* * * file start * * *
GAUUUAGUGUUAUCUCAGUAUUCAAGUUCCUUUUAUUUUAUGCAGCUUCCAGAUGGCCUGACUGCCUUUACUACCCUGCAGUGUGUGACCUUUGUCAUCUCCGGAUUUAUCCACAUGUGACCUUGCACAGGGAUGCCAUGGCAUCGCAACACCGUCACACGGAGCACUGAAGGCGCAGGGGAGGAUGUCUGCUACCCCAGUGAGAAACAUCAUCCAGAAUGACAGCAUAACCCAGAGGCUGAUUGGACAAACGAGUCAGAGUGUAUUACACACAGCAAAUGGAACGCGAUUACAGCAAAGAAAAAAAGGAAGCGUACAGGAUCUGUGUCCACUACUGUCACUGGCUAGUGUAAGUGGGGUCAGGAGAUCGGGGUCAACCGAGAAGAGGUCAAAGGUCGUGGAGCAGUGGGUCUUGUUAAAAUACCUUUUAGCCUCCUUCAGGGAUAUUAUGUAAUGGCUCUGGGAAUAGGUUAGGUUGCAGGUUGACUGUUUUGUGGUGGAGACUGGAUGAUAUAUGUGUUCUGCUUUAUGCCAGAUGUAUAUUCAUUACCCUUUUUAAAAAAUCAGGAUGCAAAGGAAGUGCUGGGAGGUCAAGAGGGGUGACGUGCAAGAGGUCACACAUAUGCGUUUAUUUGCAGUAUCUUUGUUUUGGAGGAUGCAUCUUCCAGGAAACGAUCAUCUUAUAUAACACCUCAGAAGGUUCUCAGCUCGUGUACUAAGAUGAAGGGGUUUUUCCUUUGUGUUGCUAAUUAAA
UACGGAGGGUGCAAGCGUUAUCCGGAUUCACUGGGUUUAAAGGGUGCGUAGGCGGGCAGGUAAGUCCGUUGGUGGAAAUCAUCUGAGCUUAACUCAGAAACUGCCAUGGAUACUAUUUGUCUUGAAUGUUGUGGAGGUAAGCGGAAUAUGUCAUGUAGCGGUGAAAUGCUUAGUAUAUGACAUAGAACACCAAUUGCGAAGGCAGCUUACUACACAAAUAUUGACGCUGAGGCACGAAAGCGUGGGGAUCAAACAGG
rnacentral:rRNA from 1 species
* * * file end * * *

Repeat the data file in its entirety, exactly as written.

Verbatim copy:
GAUUUAGUGUUAUCUCAGUAUUCAAGUUCCUUUUAUUUUAUGCAGCUUCCAGAUGGCCUGACUGCCUUUACUACCCUGCAGUGUGUGACCUUUGUCAUCUCCGGAUUUAUCCACAUGUGACCUUGCACAGGGAUGCCAUGGCAUCGCAACACCGUCACACGGAGCACUGAAGGCGCAGGGGAGGAUGUCUGCUACCCCAGUGAGAAACAUCAUCCAGAAUGACAGCAUAACCCAGAGGCUGAUUGGACAAACGAGUCAGAGUGUAUUACACACAGCAAAUGGAACGCGAUUACAGCAAAGAAAAAAAGGAAGCGUACAGGAUCUGUGUCCACUACUGUCACUGGCUAGUGUAAGUGGGGUCAGGAGAUCGGGGUCAACCGAGAAGAGGUCAAAGGUCGUGGAGCAGUGGGUCUUGUUAAAAUACCUUUUAGCCUCCUUCAGGGAUAUUAUGUAAUGGCUCUGGGAAUAGGUUAGGUUGCAGGUUGACUGUUUUGUGGUGGAGACUGGAUGAUAUAUGUGUUCUGCUUUAUGCCAGAUGUAUAUUCAUUACCCUUUUUAAAAAAUCAGGAUGCAAAGGAAGUGCUGGGAGGUCAAGAGGGGUGACGUGCAAGAGGUCACACAUAUGCGUUUAUUUGCAGUAUCUUUGUUUUGGAGGAUGCAUCUUCCAGGAAACGAUCAUCUUAUAUAACACCUCAGAAGGUUCUCAGCUCGUGUACUAAGAUGAAGGGGUUUUUCCUUUGUGUUGCUAAUUAAA
UACGGAGGGUGCAAGCGUUAUCCGGAUUCACUGGGUUUAAAGGGUGCGUAGGCGGGCAGGUAAGUCCGUUGGUGGAAAUCAUCUGAGCUUAACUCAGAAACUGCCAUGGAUACUAUUUGUCUUGAAUGUUGUGGAGGUAAGCGGAAUAUGUCAUGUAGCGGUGAAAUGCUUAGUAUAUGACAUAGAACACCAAUUGCGAAGGCAGCUUACUACACAAAUAUUGACGCUGAGGCACGAAAGCGUGGGGAUCAAACAGG
rnacentral:rRNA from 1 species